Cancer in the community: Understanding and addressing cultural forces

by Chris Boerner, President and Head of U.S. Commercial

Over the past four decades, we have seen an unprecedented increase in cancer care innovation.

While only half of diagnosed cancer patients survived beyond five years in the 1970s, more than two-thirds do today. As a result, there are now a record 14 million cancer survivors in the United States. 

But this figure doesn’t begin to reveal disparities among regions. For example, cancer incidence and mortality rates in Kentucky — known as the nation’s “cancer capital” — are 15 to 17 percent higher than in the rest of the nation across all tumor types and 50 percent higher for lung cancer. And taken together, these figures don’t begin to explain how improving care for cancer patients — from initial diagnosis to treatment to the ultimate goal of survivorship — begins with bringing together cancer communities across the country to address the roadblocks facing patients, caregivers, oncologists, healthcare providers and advocates in building solutions. 

Chris Boerner, President and Head of U.S. Commercial

Chris Boerner, President and Head of U.S. Commercial

A ‘perfect storm’ of problems

So, while scientific advances such as immuno-oncology research may greatly improve cancer care broadly, making progress in areas such as Kentucky also requires an understanding of cultural forces that factor into how we promote preventive measures and treatment. In fact, it demands that we see and discuss the issues on the ground, face-to-face, which is what we did recently in Kentucky’s capital, Louisville.

Each community faces its own set of challenges when it comes to cancer and cancer care. Kentucky, unfortunately, faces a “perfect storm” of problems contributing to its high rates of cancer, including the elevated smoking rates often seen in states with historic ties to tobacco, political inaction on pivotal fronts and poverty. The most important lesson we learned in Louisville – and we learned this from those who live and work in the community – is that addressing these and other community-specific problems requires prevention and treatment programs that ‘speak the language’ of the community and that are attuned to the cultural nuances that have long dictated how community members approach problems.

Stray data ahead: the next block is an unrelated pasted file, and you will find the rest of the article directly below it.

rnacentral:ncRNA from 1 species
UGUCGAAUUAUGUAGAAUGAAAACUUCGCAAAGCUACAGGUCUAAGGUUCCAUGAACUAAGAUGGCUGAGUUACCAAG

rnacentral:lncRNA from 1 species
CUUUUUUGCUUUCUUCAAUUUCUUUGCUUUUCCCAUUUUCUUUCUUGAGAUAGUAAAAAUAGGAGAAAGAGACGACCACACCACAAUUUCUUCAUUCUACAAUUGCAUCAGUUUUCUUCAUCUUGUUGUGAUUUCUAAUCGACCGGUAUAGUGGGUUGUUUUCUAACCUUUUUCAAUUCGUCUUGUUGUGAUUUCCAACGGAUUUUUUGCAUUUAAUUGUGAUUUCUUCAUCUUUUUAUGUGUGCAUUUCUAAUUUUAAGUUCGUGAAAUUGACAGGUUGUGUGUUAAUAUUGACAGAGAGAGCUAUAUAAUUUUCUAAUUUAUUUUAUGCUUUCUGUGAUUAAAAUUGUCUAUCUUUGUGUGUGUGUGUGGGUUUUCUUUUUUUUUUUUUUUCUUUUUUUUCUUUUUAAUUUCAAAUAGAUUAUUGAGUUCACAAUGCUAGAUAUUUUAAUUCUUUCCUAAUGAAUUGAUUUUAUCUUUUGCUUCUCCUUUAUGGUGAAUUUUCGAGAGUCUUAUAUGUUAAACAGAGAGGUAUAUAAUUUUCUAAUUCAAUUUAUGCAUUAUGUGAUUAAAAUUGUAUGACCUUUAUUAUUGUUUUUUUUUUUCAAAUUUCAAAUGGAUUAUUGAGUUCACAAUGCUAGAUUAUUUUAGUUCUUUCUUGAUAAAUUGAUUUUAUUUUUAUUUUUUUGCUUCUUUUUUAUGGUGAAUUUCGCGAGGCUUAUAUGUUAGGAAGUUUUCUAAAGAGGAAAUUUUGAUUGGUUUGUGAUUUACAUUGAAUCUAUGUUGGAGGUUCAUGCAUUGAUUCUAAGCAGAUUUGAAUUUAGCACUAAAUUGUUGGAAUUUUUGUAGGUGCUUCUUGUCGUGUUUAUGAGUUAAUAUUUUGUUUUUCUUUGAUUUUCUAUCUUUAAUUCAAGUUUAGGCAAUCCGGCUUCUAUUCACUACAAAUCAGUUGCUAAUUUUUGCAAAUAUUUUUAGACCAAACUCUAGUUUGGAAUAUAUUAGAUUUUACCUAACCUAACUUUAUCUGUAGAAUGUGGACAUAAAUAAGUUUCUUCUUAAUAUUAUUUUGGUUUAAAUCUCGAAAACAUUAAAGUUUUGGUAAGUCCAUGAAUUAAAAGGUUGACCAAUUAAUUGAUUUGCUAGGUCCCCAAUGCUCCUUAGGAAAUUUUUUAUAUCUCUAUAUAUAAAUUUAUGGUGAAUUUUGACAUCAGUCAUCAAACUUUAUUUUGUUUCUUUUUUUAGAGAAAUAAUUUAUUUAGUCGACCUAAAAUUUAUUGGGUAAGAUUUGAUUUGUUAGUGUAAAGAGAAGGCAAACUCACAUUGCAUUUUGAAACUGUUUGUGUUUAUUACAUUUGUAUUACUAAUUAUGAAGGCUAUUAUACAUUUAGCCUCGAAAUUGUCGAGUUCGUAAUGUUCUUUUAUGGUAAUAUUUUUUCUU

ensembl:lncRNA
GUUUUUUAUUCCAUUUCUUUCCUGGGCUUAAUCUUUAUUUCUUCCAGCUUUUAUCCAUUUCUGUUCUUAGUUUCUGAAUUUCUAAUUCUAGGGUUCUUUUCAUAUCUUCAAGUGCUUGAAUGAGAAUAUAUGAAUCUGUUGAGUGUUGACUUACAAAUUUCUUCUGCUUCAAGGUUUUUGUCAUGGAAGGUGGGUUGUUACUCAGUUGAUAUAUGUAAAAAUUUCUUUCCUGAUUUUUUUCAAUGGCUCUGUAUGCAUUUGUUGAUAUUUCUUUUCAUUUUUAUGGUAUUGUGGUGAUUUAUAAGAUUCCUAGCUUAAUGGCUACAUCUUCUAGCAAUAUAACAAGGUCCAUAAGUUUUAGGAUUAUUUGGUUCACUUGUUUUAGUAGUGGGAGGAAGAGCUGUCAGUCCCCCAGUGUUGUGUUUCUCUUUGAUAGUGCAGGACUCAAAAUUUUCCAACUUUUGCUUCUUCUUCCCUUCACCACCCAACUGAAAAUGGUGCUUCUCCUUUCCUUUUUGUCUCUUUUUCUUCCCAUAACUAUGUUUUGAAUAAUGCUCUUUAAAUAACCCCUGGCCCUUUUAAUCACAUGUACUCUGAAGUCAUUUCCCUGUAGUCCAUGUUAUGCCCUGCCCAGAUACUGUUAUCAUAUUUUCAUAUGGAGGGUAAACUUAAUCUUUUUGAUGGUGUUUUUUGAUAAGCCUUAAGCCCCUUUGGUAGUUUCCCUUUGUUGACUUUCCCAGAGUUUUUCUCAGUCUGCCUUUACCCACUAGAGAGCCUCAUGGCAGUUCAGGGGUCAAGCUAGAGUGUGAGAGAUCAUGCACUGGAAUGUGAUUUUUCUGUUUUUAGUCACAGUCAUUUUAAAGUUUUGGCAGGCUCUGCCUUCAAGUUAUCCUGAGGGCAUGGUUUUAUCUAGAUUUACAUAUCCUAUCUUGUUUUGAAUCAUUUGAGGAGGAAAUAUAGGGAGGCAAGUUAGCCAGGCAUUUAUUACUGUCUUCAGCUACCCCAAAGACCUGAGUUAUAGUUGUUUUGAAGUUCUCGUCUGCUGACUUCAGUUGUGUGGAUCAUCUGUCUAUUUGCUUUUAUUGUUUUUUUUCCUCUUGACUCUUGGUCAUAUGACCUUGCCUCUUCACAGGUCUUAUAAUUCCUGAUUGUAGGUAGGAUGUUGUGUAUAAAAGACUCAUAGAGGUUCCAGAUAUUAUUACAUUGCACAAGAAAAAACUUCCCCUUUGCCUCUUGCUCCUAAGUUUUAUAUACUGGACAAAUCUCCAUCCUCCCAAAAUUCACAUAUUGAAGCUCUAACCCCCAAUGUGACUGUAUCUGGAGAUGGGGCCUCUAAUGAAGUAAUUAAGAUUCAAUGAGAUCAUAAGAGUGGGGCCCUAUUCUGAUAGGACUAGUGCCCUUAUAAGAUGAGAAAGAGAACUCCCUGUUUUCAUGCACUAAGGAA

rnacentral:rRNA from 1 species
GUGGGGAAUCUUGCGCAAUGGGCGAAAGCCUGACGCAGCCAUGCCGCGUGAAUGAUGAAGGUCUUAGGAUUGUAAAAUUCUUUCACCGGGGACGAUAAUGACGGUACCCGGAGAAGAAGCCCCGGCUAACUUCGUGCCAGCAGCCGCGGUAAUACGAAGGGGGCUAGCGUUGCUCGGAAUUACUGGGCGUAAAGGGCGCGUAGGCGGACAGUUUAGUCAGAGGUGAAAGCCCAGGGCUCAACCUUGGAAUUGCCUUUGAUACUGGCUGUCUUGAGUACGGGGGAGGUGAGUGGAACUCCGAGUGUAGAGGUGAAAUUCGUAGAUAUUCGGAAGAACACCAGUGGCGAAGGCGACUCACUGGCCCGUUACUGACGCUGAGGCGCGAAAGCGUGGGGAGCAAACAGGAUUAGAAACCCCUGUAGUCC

Yet, rather than focusing on a singular program, we need to create an environment in which patients can trust the healthcare providers in their communities and the resources offered to make the greatest progress possible in areas especially hard hit by cancer, such as Kentucky. As a company whose goal is to tackle areas of unmet medical need, it’s up to us to find and work with community organizations that can help bridge the cultural gaps that today impede greater progress. 

Learning from communities

Education is central to our strategy, but we recognize that learning is a two-way street. Our goal to open the dialogue on cancer care is not only to circulate potentially life-saving information but also so we, too, can learn from local communities. Armed with insights from those on the front lines, we can develop better tactics and make greater progress where it’s needed most.

In its most basic sense, cancer on a community level reflects multiple contributing factors that often are woven into the cultural fibers of the place and its people. This is why we met in Louisville with community cancer leaders: to better understand the challenges specific to the community and how we might be able to help.

What we came away with was a clearer understanding of the issues and, yes, how we can help. But as importantly, we learned that those working in communities in Kentucky and, no doubt, other places where cancer is especially prevalent, can help us as well. We learned that meeting face-to-face in these communities with these local experts is critical to us finding still more and better ways to ensure that cancer care innovations are available to still more people across the U.S., and around the world, and that we can further add to the record level of cancer survivorship. And in the process, we were reminded that cancer-care advances don’t occur in the lab alone. They happen in the communities where patients live.

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